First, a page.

Recent violent unrest over soaring food prices in several West African nations points to new signs of trouble on a continent where nearly half the people live on a dollar a day, experts warn. After Mauritania and Morocco, Senegal this week was the latest country hit by violent protests.
Sidi Ould Cheikh Abdallahi won Mauritania's historic presidential election with 52,85% of the vote, the interior minister said on Monday. Ould Abdallahi, who was backed by supporters of Mauritania's ousted dictator Maaouiya Ould Taya and who has vowed to become a ''reassuring president'', beat Ahmed Ould Daddah in the second-round run-off of the poll.
After a historic change of power in 2000, Senegal, one of Africa's oldest democracies, elects a new president on Sunday. Voters have a simple choice: to give a new mandate to incumbent 80-year-old Abdoulaye Wade, who promised much but disappointed some, or to turn the page with one of the 14 other candidates.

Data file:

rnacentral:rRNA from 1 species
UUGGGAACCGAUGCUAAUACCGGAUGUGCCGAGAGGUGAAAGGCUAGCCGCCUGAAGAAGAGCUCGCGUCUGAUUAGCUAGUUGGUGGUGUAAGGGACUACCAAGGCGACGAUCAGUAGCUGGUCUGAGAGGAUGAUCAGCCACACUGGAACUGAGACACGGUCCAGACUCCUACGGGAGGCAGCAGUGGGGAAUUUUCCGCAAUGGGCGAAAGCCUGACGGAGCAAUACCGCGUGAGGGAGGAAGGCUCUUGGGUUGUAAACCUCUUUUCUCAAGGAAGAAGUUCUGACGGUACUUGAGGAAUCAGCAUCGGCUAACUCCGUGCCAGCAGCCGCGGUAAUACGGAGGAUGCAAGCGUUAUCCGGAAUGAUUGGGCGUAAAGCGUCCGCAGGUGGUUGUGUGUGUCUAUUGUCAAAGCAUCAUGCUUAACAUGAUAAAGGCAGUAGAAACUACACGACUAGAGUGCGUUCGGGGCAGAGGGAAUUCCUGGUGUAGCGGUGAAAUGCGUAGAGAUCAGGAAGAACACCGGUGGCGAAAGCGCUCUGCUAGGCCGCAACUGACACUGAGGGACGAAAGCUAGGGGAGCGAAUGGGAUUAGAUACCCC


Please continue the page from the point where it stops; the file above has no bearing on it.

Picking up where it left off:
Senegal will mark on Monday the 100th anniversary of the birth of "poet-president" Leopold Sedar Senghor, whose political and literary legacy will be honoured in events across the West African country in December. Senghor, who became Senegal's first president after it gained independence in 1960, helped develop the concept of Negritude, or pride in black African culture.
''We talk of globalisation, of the global village, but here in Africa, we are under the impression of being that village's septic tank,'' says Senegalese ecologist Haidar al-Ali. A series of pollution scandals, ranging from the discharge of toxic waste in CÃ´te d'Ivoire to radioactive tanks in Somalia, show that Africa's poverty, corruption, and non-existent or malfunctioning democracies make it the world's preferred dumping ground.